Causeyella dendropus and C. youngsteadtorum were reared under laboratory conditions. Both species were active and often roamed their culture dishes. Males, females, and juveniles displayed occasional aggression by striking or boxing. Mating occurred in C. dendropus and two females each laid five eggs in batches of one to five on wood or clay, but none hatched. Molting in C. youngsteadtorum juveniles took about two weeks and two 9-mm specimens each grew about 1 mm after they molted. The sticky droplets that subtend the long setae that cover the body appear to serve, at least in part, to trap small intruders that get under the setae. Once stuck in a droplet, the intruder slides up the seta and is eliminated when it sticks to another object.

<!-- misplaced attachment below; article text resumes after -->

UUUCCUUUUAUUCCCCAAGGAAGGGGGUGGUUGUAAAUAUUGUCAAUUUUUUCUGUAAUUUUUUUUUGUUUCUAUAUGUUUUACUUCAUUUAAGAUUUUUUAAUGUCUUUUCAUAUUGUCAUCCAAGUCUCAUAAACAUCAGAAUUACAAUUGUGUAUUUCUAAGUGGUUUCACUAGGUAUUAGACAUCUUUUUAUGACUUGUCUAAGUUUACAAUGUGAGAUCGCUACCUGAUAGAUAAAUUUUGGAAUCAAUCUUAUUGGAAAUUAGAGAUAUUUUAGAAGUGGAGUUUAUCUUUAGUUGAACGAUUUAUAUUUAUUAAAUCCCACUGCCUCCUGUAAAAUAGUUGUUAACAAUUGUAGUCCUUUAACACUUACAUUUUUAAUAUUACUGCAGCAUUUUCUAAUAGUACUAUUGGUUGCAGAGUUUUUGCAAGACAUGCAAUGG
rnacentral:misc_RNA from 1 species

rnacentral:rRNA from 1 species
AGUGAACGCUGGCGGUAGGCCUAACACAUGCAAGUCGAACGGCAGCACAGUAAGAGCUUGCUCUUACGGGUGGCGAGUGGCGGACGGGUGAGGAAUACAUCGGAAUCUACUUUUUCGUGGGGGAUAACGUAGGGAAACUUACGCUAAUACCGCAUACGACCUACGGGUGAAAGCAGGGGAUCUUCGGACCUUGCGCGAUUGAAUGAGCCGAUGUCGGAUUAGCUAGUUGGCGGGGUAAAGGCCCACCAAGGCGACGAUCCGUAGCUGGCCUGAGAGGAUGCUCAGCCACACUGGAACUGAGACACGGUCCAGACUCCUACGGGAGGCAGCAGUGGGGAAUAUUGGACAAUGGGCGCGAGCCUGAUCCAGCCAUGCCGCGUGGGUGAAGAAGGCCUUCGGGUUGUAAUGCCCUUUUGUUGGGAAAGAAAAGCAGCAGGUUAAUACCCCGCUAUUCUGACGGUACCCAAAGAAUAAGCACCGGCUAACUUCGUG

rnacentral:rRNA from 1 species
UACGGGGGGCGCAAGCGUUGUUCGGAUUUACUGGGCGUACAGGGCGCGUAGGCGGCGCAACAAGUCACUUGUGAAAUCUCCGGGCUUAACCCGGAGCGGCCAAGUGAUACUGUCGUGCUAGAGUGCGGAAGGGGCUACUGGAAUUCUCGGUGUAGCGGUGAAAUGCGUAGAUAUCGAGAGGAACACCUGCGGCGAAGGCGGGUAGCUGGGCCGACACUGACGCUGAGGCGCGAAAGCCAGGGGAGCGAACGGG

You have requested a machine translation of selected content from our databases. This functionality is provided solely for your convenience and is in no way intended to replace human translation. Neither BioOne nor the owners and publishers of the content make, and they explicitly disclaim, any express or implied representations or warranties of any kind, including, without limitation, representations and warranties as to the functionality of the translation feature or the accuracy or completeness of the translations.
Translations are not retained in our system. Your use of this feature and the translations is subject to all use restrictions contained in the Terms and Conditions of Use of the BioOne website.
Vol. 111 • No. 1